I’ve been in plenty of corporate headquarters in all sectors (private, charitable, and public) and seen this happen time and time again.  I’ve also seen it in too many local council offices, and early years and childcare settings (including children’s centres).  In contrast, I’ve been looked after by some amazing people on reception, and sometimes struggled to identify the boss.

Strikes me there’s a whole load of wasted opportunities here. If you are so far away from what is happening, you aren’t noticing the day-to-day reality of your team’s activity and practice.  Nor are you witnessing first-hand the lived-experiences of those receiving a service or product.  How can you be sure of the outcomes and impact?  You don’t get the chance to overhear ad-hoc or natural conversations, read people’s body language, or contemplate how things are going across all aspects of the business.  You aren’t doing your own research on your own organisation.  That is an oversight.  Instead, you run the risk of relying upon data or information, that could have been manipulated by others, and presented to you in a form that suits the convenience of the message-giver.  Think, about it, your head of HR tells you that all is well in, er, HR!  the customer service lead tells you all customers are happy and delighted, and so on.  That type of report has its place in any organisation, but triangulate it!  Base your thinking and actions on what you observe yourself, and what you are being told, from more than two sources.  That has a greater chance of giving you good information.  That means being in the thick of it.

Think undercover boss.  I love that US TV programme that sends CEOs of large corporate businesses, in disguise, to work on the shop floor.  They get to mix with the workforce, engage directly with customers, and navigate the workplace systems.  More often than not, they learn better about what their workforce needs, and they improve and recognise loyalty and innovation, typically accepting ideas and helping to put them into action.  They listen to the direct experience of customers and make service or product improvements.  They overhaul unhelpful systems and processes, and bring in new, better-informed, and practical ones to make things easier and more effective.  They invest time and energy in real and authentic interactions for everyone’s benefit.  What else?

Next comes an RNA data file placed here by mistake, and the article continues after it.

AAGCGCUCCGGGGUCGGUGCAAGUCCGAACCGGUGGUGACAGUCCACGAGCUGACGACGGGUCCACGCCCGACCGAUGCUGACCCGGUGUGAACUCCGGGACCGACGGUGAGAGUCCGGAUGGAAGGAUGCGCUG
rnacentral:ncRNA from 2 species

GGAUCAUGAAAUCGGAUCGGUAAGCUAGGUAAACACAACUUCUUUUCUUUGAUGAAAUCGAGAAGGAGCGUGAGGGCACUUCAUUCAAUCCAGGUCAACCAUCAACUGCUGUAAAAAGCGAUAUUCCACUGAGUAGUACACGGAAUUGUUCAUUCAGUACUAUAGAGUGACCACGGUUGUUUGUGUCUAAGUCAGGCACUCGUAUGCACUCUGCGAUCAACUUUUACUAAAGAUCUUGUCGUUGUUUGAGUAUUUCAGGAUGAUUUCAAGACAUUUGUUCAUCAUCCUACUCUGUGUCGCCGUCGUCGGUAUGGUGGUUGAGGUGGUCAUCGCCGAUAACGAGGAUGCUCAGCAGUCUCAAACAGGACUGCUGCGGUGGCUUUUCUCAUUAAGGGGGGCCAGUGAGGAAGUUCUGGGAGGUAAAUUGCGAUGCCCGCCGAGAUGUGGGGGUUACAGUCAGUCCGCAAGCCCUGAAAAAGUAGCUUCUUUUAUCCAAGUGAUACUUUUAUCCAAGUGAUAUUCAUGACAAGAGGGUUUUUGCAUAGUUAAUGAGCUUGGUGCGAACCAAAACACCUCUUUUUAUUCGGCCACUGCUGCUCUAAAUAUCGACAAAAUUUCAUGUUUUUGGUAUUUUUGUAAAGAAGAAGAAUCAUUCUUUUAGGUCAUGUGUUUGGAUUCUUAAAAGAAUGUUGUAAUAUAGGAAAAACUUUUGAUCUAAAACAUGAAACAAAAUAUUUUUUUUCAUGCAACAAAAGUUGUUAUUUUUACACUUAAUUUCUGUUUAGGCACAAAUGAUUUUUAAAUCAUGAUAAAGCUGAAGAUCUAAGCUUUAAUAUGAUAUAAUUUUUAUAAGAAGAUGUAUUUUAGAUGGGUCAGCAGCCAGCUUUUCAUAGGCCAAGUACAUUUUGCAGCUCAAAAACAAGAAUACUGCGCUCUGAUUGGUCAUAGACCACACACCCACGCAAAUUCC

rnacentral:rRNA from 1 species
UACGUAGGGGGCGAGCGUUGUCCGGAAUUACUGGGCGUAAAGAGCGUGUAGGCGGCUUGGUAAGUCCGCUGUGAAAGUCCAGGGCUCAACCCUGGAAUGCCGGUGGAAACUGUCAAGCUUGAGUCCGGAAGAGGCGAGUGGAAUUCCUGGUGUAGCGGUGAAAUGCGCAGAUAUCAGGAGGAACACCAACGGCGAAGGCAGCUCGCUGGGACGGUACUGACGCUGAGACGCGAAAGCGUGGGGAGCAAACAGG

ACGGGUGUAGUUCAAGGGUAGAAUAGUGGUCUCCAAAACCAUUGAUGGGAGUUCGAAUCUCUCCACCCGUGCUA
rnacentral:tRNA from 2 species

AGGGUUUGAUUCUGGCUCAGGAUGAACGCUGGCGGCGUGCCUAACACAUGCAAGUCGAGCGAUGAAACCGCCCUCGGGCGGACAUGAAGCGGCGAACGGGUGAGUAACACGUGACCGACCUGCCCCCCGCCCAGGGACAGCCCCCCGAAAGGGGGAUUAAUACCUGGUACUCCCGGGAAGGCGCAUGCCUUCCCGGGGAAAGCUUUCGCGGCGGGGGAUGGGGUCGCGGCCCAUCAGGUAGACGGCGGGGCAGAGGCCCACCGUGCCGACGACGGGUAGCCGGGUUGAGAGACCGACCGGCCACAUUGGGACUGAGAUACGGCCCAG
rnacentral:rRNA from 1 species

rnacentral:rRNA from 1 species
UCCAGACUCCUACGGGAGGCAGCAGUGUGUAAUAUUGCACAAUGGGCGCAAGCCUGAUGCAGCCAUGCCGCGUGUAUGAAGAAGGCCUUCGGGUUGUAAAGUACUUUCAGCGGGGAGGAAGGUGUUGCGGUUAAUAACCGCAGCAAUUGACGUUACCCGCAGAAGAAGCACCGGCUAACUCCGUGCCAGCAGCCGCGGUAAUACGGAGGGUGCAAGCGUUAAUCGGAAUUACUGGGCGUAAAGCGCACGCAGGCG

• Move your location permanently, or for temporary periods.
  • Make time to mix and mingle, at different times, with different objectives.
  • Experience the service – if you can, which is easier said than done.
  • Observe things in their natural and informal state – unannounced, don’t wait for announced visits – they rarely feel authentic.
  • Engage with and listen to the customer – informally, using probing or investigative questioning styles.
  • Use real the experiences, thoughts and feelings you collect for everyone’s benefit.

Every boss needs to be on reception – what better place could there be to make all that happen?   

People are striking because they want to do a better job.

It will not have escaped your attention we have an epidemic of strikes.  This last week has seen the largest scale industrial action for over 10 years.  in recent weeks we have seen teachers, train drivers, ambulance staff, NHS, and university staff, the list is long, and getting longer.  Much is being discussed, publicly, professionally, and politically.  We are debating the right to strike or not, the ability of the government to prevent them or not, and the scale of impact of strikes on other sectors.  We are curious about their timing, their aim and purpose, and their effects.  Many have asked ‘why people are taking action?’  I am not sure there is a convincing consensus.  We cannot seem to agree on a consistent conclusion.

What strikes me (pun intended) is that sometimes it is around pay, often terms and conditions, some is around the type of work people are doing, the status of it, its level of recognition, the scale of workload, and working conditions.  There isn’t a single narrative here.  Wage inflation has certainly grown out of step with general inflation, the way in which we work, and want to work, has shifted exponentially over the past generation, the workforce appears smaller in a post Brexit era, the pandemic has rebooted people’s needs and demands, how we work has changed (most likely forever), and the rising costs of living and energy have all created a perfect storm.